VOL. 1 ISSUE 4
NOVEMBER- DECEMBER 1981
issue of the Ringside newsletter for the United States
Wrestling Club arrived during the holiday months of 1981. The feature article was editor Steve Waid's interview with
Jake Roberts about his interest in refinishing furniture, snakes,
and his background in wrestling.
The issue also included
Club News, a matching game, and letters to the editor.
Editor: Sid Morris
Managing Editor: Sid
Associate Editor: Anita
Art Director: Sam
If he’s wearing his cowboy hat, chances are the first thing you
won’t notice about wrestling star Jake Roberts will be his tall,
muscular body or seemingly stone-cut good looks.
Instead, his hat will capture all your attention. It’s a rather
nondescript cowboy lid, except when you notice the hatband.
Now that’s a stunner.
It’s the skin of a rattlesnake, complete with head, open mouth and
fangs – make that one fang. It’s a chilling sight and it gives the
amiable Roberts something of a sinister air.
“I got that hat in Texas and the skin and head of the snake were
given to me by a buddy who is a taxidermist,” said Roberts. “I guess
it’s the kind of thing you don’t see every day. That other fang
broke off just the other day.”
It seems only natural that Roberts would adorn his hat with the skin
of a snake, because he has a fondness for the slithering creatures.
He has two pet snakes – a huge boa constrictor and a python, both in
the 7-foot range.
Don’t let his hatband or his unusual pets fool you, however. Roberts
is no “snake in the grass.” He is, instead, a fine athlete who has
only recently come into the Mid-Atlantic Wrestling area after
successful stints in other parts of the country.
From the town of Sweetwater, Texas, near Dallas, Roberts was
influenced by wrestling at a very early age. “My father was a
professional wrestler called the ‘Kentuckian’,” he said, “and we
shared more of a big brother/little brother relationship than
“I would see the huge number of miles he’d pile up traveling and I’d
see him get all busted up and I thought a wrestler was the last
thing I ever wanted to be.”
As a youngster, Roberts drifted into basketball, baseball and
football at Sweetwater High School, and in his own words, “I was the
master of none.”
But that didn’t mean he lacked athletic prowess. He got a chance to
prove that later in Baton Rouge, Louisiana where he had gone to
visit his father.
“I was at a wrestling match with him and this guy didn’t show up for
his particular match,” Roberts recalled. “Well, it was suggested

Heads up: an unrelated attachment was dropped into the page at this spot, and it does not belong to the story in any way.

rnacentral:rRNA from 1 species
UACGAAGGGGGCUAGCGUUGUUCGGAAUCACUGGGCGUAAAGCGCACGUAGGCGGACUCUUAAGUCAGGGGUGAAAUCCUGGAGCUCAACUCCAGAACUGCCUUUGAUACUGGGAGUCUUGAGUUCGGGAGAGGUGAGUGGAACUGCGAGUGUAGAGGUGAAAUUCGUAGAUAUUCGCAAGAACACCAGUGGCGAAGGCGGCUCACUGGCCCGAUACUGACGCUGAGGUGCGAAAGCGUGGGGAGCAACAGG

that I fill in for him. My father was with me and I knew he’d be
“It was against a guy named Billy Ash. Time expired before he could
pin me or I could manage to do anything with him, but I took the
worst of it, let me tell you.”
“I went back to the dressing room and asked my Dad what he thought.
He said it was the worst thing he had ever seen and that he was
embarrassed. I considered that a challenge. I thought then I could
be as good as he ever was. And so, here I am.”
That was “six long years ago” and Roberts is quickly becoming one of
the more popular grapplers around. But he’s paid a price for it,
much the same as his father did.
“I went to Florida to start my career, but had wrist surgery and was
out for 18 months,” Roberts said. “Then I started back again in
Florida, went to Tennessee, Kansas City and on to Canada, where I
started out in Vancouver, British Columbia. Then I went to Calgary,
also in Canada.”
“From there, I figured it was time to head back to Louisiana to show
everyone what I had learned.”
Apparently, he had learned a great deal. He became the Louisiana
But again, injuries plagued him. He separated his shoulder and then
broke his arm twice, severely limiting his activities. Upon
recovery, however, he had to do his father proud when he won the
North American Championship in Shreveport, LA in January, 1980.
He remained in Louisiana until the middle of 1981, when he came to
the Mid-Atlantic area to become involved in the competition that
“I had to keep right on going in the sport I’d chosen,” Roberts
explained. “You have to go out and go places to make yourself better
and better. And for me, it means a great deal of personal
satisfaction, even though I’ve taken a lot of wear and tear on my
“It proves that no matter what the odds are against you, you can
achieve anything in this world if you work at it.”
To relax, Roberts makes furniture, in addition to tending his
snakes. It seems the creativity of creating a fine chair or other
household object is a welcome respite from the rigors of wrestling.
Outgoing and friendly, Jake Roberts has most of his career ahead of
him. Even though he didn’t approve of wrestling after seeing his
father’s involvement of several years, he’s met a challenge and
become one of the best in his profession.
“I never thought I’d be in the position I am,” he said. “I have
gained a lot of satisfaction from it.”
Ringside Editor -